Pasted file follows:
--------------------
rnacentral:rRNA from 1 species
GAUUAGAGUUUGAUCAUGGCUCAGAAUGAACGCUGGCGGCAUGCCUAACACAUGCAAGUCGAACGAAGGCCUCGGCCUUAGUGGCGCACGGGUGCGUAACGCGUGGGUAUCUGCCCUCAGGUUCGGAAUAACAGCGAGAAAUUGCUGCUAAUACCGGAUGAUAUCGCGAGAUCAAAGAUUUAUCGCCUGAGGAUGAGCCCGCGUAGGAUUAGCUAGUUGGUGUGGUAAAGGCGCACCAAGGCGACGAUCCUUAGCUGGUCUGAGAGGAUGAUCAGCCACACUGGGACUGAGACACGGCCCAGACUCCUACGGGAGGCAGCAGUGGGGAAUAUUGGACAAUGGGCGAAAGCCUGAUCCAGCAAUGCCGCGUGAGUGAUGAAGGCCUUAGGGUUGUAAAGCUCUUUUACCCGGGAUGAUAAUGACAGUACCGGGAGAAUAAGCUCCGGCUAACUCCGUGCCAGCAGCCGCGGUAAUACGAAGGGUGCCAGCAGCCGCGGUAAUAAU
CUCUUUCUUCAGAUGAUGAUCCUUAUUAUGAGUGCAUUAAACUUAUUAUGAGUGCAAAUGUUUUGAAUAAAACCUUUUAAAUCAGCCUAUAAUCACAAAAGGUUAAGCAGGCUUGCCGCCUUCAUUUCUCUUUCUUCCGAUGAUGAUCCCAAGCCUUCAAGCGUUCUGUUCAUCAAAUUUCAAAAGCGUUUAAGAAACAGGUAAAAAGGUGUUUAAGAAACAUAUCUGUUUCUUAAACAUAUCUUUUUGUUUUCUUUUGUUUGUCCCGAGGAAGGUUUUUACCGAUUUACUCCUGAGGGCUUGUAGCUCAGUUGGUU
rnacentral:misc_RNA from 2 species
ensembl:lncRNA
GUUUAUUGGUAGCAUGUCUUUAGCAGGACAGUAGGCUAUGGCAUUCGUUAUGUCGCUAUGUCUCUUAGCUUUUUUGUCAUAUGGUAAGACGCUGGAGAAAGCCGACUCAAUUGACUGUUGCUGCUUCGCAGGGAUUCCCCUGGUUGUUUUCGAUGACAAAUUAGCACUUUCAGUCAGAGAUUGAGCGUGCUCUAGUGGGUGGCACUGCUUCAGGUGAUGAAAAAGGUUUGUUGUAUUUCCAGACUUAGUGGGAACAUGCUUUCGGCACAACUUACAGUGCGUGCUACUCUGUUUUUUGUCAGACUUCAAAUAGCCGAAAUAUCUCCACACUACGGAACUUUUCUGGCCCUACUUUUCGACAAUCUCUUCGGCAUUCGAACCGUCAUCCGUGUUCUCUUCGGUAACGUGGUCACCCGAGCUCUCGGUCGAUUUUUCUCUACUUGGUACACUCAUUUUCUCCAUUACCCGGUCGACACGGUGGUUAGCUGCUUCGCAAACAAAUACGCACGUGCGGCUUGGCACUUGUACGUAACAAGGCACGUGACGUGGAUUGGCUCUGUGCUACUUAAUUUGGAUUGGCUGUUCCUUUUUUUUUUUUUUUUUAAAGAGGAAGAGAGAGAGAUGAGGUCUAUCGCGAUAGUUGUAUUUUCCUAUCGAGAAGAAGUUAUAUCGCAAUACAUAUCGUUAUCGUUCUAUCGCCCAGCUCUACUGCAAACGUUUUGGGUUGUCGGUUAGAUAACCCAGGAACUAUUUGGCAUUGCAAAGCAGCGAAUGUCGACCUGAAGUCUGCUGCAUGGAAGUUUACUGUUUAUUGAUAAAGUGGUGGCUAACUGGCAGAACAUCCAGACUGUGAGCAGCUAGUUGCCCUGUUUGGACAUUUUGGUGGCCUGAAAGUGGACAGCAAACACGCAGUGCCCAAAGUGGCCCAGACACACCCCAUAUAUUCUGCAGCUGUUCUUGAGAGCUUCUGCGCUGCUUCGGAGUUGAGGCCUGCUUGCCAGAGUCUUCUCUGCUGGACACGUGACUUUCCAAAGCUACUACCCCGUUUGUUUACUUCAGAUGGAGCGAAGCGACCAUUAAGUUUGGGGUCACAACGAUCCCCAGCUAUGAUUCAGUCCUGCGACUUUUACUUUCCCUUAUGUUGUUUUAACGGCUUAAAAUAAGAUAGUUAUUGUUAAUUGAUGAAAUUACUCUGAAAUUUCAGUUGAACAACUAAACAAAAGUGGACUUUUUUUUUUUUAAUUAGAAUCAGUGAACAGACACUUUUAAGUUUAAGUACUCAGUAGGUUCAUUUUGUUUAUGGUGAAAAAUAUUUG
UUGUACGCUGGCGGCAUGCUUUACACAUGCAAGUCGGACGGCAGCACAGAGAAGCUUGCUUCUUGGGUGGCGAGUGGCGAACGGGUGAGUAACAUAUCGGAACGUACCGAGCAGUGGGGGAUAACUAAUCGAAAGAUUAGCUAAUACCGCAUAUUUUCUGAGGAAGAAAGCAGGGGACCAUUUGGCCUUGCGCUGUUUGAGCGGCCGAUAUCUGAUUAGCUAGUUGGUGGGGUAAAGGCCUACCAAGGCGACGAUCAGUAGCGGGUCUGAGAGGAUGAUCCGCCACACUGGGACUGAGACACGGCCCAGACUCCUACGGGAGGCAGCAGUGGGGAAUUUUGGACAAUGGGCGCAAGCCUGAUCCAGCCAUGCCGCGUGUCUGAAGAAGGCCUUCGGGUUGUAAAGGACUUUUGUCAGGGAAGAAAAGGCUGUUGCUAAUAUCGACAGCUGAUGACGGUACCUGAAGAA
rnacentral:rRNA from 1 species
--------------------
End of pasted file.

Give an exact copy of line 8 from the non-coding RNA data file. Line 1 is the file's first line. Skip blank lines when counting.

rnacentral:rRNA from 1 species